“The best place to hide anything is in plain view.” –Edgar Allan Poe, The Purloined Letter (1844).
BURRI PROMETHEIA highlighted an artwork of monumental dimensions (15 x 5 meters) whose architectural function as a wall (between Sculpture Garden and Melnitz Hall) almost underplays its presence: the Grande Nero Cretto (Large Black Crack), the largest work that Italian artist Alberto Burri ever created outside Italy, gifted to the UCLA campus 40 years ago.
The title of the event recalled not only the metaphor of Burri’s ceaseless artistic research, but also the primordial significance of fire, which he attuned to poetical form in almost all of his materials, (jute, wood, iron, plastic) including the 700 fired-ceramic core pieces of the Cretto of UCLA. At this event the world premiere of the film VARIAZIONI: A Visual Polyphony tied the beginnings of Burri’s combustions to the visionary lyrics of his friend and mentor, the poet Emilio Villa (1914-2003). The film by independent researcher Giuseppe Sterparelli (project creator together with professor Thomas Harrison) has the Death Valley desert as setting, the same location that inspired Burri in the creation of his Cretti (crack-paintings). The film is based on a dialogue between Villa’s poems – read voice-off by actor Roberto Latini, awarded as 2014 best Italian stage actor – and Lisa Rinzler’s photography (Emmy award, Sundance prize and many others).
Prior to the screening of the film professors Bruno Corà, President of the Alberto Burri Foundation, and Gian Maria Annovi (USC) contextualized the birth of Burri’s work and the mutually vital relationship he shared with poet Villa, in an “atemporal” perspective, combining writing and painting as language’s intrinsic germinal forces in a constant collision of harmony and chaos. The fire employed by the painter fused planning to casualness, analogously to the synthesis between ordered logos and pure phoné of Villa’s poetic variations.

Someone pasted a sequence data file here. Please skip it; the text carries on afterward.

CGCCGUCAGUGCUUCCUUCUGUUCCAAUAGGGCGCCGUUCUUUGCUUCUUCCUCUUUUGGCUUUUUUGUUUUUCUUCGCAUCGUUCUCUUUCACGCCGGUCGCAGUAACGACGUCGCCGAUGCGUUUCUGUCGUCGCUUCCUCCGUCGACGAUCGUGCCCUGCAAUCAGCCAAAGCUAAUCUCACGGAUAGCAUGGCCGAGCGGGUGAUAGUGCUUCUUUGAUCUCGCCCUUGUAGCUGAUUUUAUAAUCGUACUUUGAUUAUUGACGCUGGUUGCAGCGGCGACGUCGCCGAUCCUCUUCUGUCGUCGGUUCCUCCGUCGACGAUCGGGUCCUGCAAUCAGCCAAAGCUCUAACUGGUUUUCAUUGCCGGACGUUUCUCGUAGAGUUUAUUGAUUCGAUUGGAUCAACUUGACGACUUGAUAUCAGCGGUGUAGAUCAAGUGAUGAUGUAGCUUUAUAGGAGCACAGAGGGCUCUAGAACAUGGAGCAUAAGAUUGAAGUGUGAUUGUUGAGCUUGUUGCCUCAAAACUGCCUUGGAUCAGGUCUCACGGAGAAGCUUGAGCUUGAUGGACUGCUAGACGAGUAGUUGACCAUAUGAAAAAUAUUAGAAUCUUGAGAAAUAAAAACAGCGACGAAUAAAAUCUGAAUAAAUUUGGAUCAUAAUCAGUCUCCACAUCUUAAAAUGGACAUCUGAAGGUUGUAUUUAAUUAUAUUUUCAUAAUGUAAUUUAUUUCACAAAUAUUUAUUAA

On the heels of this assumption, poet Paul Vangelisti, professor Harrison, and graduate student Nina Bjekovic set up a public reading in front of the Cretto of an unpublished manuscript Villa wrote in 1952 on Burri’s painting, followed by a percussive performance by John Densmore of The Doors (whose original members met precisely there, at the UCLA Film School, in 1964).
The visual artist Alessandro Marianantoni’s light installation Desert Flows closed the first day’s events in an extraordinary highlighting of the Cretto’s formal values in an ideal convergence and vital dualism of the organic component (earth) with the liquid one (water), thus enabling a direct link with the environmental subject matter illustrated by Nurit Katz during the afternoon symposium.
With the screening of Luca Severi’s documentary Alberto Burri and Piero della Francesca: The WTwo Revolutions (2015) at the Italian Institute of Culture the following day, an equally rich recognition of Burri’s cultural identity was concluded. By dominating the process of burning as a creative rather than destructive force, the 20th-century painter reached the same sense of grace and balance as the Renaissance master who lived in the same area, between Tuscany and Umbria, almost 500 years before.
40th Anniversary of Alberto Burri’s Grande Nero Cretto Franklin D. Murphy Sculpture Garden, UCLA (1977/2017)
UCLA Royce Hall, Italian Institute Culture, Los Angeles, January 9-10, 2017
Organized by UCLA Department of Italian, Italian Cultural Institute of Los Angeles
Curated by: Giuseppe Sterparelli and Thomas Harrison
Under the Patronage of Italian Minister of Heritage, Culture and Tourism